This Week’s Best Events: Books, Cider, and Halloween Festivals
Here’s your weekly guide to the best Minneapolis and St. Paul events.
7:41 AM CDT on October 11, 2021
“The Fall, but prog” isn’t everyone’s idea of a good time—and if that description feels cryptic, you can be fairly sure it’s not yours. On album #2, Cavalcade (Rough Trade), this London band has softened some since its debut, Schlagenheim, without sacrificing any of their twitchy eccentricity. They’ve gotten dreamier, and on tracks like the stylishly freakish “Marlene Dietrich,” lead word-mutterer Geordie Greep reveals an unexpected sense of restraint. Still, the album opens with five minutes of Greep in full greepy glory and drummer Morgan Simpson solving quadratic equations on his snare—“John L” focuses on a nationalist demagogue and promises/threatens “In all the world there's no escape from this infernal din.” With L'Rain. 18+. 7:30 p.m. $22-$37. 318 N. 1st Ave., Minneapolis. More info here.—Keith Harris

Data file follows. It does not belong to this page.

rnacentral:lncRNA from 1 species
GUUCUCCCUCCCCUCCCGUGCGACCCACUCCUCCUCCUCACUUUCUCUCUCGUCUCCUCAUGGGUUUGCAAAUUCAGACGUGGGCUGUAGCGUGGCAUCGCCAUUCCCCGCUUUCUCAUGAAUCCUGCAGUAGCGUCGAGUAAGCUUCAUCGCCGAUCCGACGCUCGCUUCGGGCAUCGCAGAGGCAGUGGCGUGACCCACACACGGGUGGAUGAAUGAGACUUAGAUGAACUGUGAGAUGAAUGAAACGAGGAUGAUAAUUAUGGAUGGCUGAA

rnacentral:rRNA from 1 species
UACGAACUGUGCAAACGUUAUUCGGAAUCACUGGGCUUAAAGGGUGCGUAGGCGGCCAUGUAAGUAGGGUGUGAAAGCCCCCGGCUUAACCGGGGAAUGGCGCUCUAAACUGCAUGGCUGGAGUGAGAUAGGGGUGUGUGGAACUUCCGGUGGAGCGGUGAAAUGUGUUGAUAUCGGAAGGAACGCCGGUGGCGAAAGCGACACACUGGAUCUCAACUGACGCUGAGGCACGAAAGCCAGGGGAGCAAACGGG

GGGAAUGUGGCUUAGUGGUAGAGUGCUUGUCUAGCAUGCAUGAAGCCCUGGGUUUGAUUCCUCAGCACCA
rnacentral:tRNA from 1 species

Badu had a helluva lockdown last summer. With clubs closing and live gigs canceling she immediately went online with her "Quarantine Concert Series: The Apocalypse," its production values damn near unmatched in the livestream economy. And when she squared off against Jill Scott on Verzuz, part of a series of streams where performers set their catalogs in competition with each other, the two neo-soul queens instead just vibed for three hours to each other’s greatest hits. Badu’s albums, as infrequent as they are brilliant, only give you a taste of how her personality fills the room live, where she free-associates over woozy but intricate grooves. All ages. 7 p.m $47 and up. 500 S. 6th St., Minneapolis. More info here.—Keith Harris
The Front Bottoms